July 2006 | Candida Moraes

Business in a borderless world

Globalisation is redefining the way companies do business. Alan Rosling, executive director, Tata Sons, looks ahead at what managing business will be like in a borderless world

Alan Rosling

In a world where change is the only constant, strategy becomes a compass guiding business to the shores of success. Companies must have clear objectives and well-defined plans for achieving them. This is easier said than done, of course! Because we need dynamic long-term planning, as well as the nimbleness and agility to change tactics whenever the exigencies of the situation demand it.

In today's dynamic business battlefield, strategy creates the macro picture; our assets are positioned, we know what the competition is doing and we deliver. Tactics help us to manoeuvre our way around unexpected roadblocks, without losing sight of our strategic objectives.

Strategic planning for the future involves making choices; only time will tell which of our decisions was right. The only beacon which never fails to guide us correctly is the customer. If we focus on providing value to our customers, if we focus on quality, other management decisions follow from that. Excellence is the key to survival — today and in the future.

On why size matters
In a world where scale does matter, the Tata group is sub-scale compared to its global competitors in very many of our businesses. But this does not mean it doesn't have a competitive advantage. Look at Tata Steel; it has a cost advantage over much larger international rivals. Yet, it also needs to scale up and move beyond India's borders to become a regional player. But scale can also be a disadvantage, for example, in the luxury hotels business, where one can only have so many properties; after a point they begin to lose their uniqueness.

In certain industries, size is very important. It gives an advantage in costs, reach and technology. In other businesses, size matters less. In the natural world, ants account for 10 per cent of all biomass. These small creatures have found ways to be incredibly successful, and can take on even the mighty elephant. The question is, does one want to be an incredibly dynamic and flexible but small ant, or an all-powerful elephant?

We find a gradual decline of traditional giant companies and the rise of new ones, which is a natural process. The largest companies in the world today are not the same as the largest 35 years ago. Companies like Microsoft have come up virtually from nowhere. But we also have enduring giants like General Motors, which has survived by continually adapting, changing and getting better.

On managing diversity
Whether conglomerates are optimal organisation strategists is a hotly debated question today. Research shows that premium conglomerates can create incredible value. One of the best performing companies in the last 20 years has been GE, which is extremely diverse. And there is also a lot of research to suggest that diverse businesses are particularly appropriate to dynamic, emerging markets.

So if we put these two together, I think that the Tata group probably has elements of both. We have a way of managing diversity that is centred around a strong belief in decentralisation. The companies run themselves; they are not dependent on the centre.

On the other hand, there is an advantage of being a part of India's largest business conglomerate, particularly the Tata name and the value it embodies, in terms of resources, in terms of people and in terms of excellence (Tata Business Excellence Model). We have demonstrated a proven ability in the last decade to enter and do well in new businesses like telecom, retailing and auto components. The key to success is taking quick and good decisions, as well as their managements seizing the initiative and taking responsibility.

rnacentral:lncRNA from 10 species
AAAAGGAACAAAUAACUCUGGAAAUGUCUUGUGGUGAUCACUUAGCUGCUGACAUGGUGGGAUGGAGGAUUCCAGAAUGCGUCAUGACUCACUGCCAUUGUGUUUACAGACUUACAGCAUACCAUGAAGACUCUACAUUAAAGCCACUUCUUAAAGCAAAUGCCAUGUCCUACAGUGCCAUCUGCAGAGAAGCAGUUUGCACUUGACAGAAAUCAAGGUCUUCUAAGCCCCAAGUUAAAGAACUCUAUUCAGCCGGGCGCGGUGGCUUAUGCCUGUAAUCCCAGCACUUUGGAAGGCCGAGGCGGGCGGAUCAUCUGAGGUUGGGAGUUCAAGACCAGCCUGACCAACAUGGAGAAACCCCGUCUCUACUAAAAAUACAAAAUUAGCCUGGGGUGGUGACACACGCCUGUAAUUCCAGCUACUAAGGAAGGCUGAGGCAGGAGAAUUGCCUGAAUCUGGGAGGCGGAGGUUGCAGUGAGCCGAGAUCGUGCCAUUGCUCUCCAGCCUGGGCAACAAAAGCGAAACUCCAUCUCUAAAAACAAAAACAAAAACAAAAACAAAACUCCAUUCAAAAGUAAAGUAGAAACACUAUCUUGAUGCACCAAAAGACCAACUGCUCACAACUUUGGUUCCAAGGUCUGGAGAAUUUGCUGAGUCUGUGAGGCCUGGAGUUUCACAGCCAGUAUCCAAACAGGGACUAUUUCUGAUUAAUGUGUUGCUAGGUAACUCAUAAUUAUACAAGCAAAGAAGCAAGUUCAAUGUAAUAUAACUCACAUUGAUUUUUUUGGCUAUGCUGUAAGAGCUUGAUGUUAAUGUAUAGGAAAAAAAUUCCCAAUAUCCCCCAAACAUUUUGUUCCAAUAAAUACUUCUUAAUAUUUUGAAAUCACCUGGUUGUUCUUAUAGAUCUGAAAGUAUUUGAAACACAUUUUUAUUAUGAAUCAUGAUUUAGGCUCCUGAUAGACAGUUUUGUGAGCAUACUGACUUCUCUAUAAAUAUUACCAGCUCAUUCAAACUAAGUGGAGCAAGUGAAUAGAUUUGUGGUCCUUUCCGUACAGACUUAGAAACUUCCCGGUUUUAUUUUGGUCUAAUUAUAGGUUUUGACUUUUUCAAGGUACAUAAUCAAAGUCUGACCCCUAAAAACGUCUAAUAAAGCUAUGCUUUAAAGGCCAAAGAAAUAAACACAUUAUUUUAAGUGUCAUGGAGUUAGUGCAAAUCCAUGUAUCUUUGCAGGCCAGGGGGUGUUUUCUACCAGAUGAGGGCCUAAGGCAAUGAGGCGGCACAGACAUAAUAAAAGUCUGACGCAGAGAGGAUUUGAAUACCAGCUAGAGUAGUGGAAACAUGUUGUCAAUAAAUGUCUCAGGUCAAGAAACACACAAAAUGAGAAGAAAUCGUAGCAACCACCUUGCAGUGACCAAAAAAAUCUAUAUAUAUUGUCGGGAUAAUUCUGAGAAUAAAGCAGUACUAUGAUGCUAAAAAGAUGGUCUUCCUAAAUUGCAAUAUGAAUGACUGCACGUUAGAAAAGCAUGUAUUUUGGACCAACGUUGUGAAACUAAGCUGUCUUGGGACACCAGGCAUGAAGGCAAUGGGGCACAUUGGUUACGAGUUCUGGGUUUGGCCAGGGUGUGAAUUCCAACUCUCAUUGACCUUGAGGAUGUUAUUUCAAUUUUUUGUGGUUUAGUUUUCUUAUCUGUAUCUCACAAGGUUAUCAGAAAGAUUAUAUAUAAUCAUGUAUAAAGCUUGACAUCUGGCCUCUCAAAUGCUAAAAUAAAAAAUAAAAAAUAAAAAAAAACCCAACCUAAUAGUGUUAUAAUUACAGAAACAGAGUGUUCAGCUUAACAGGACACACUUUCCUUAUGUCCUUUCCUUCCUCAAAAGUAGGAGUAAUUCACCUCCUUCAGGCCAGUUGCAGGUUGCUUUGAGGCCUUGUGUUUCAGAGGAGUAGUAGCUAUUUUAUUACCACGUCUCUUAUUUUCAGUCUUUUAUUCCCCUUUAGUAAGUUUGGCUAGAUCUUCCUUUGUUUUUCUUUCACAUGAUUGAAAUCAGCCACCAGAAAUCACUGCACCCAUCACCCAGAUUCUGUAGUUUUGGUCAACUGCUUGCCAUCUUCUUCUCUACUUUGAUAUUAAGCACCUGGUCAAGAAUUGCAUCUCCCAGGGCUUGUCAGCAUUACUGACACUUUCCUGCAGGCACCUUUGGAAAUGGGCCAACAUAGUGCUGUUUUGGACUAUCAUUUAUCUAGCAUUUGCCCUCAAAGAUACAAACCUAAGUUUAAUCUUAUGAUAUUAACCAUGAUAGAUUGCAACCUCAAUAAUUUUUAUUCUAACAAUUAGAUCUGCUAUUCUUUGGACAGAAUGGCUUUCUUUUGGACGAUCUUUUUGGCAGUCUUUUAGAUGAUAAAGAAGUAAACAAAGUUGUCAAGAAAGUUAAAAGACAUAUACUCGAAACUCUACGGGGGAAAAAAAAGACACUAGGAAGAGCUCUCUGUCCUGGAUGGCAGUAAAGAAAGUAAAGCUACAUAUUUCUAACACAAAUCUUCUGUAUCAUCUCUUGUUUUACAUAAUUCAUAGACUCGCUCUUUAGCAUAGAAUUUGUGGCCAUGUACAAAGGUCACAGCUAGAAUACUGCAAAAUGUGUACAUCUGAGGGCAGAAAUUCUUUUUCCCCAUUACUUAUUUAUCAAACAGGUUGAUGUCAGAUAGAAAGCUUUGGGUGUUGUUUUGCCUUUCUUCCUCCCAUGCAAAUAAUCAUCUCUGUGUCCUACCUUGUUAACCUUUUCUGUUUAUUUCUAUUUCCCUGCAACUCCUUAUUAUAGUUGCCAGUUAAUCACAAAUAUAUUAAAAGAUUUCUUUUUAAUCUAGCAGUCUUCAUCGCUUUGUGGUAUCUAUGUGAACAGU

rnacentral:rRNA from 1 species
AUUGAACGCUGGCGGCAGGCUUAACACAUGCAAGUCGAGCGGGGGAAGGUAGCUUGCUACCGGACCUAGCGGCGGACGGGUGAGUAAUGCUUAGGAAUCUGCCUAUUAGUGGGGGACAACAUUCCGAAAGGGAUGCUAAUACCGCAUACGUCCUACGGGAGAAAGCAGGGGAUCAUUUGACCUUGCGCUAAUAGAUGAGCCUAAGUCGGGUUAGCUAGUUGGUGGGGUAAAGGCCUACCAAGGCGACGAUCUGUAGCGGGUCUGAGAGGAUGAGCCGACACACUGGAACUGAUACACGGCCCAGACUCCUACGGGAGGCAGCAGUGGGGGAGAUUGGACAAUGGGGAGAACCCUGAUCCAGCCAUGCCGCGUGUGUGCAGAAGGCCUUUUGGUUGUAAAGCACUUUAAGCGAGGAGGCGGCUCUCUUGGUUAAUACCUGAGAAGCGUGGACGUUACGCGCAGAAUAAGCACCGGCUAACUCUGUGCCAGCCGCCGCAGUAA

On the challenges of the future
Hard work, preparation, research, thinking, getting the value proposition right and serving the customer better, can take care of the economic challenges. When things change, reacting appropriately to the change helps. The house of Tatas is, I think, amazingly placed. Owing to our Indian base, we have a core competitive advantage — our people. We have more high quality people available at a lower cost than most of our competitors in the international market place.

That Tata Motors, for example, has been able to design and deliver the Ace at the price it has, illustrates its competitive advantage. TCS's ability to offer world-class quality and service to its international clients using an Indian cost base is its advantage over the rest of the world.

But these advantages will erode as the competition replicates them. Besides, the cost base will also increase in the future. What the group would then need to do is to move its competitive advantage over time.

My guess is that the advantage that it should be seeking in most of its businesses is around technology, leadership and innovation.

On looking ahead
The scenario in Bombay House 10 or 20 years in the future will be very different from what it is today. Thanks to technology, we may not all have to be together under one roof. There may be a more decentralised structure.

But the one thing that will not change is the values of the group and its desire to serve customers well in the marketplace. So whether the corporate centre looks different, whether it is in one place or distributed, doesn't really matter. What matters is that our soul, embodied in the group's values, will still be the same. And, what is more, we will have successful world-class and larger scale companies.

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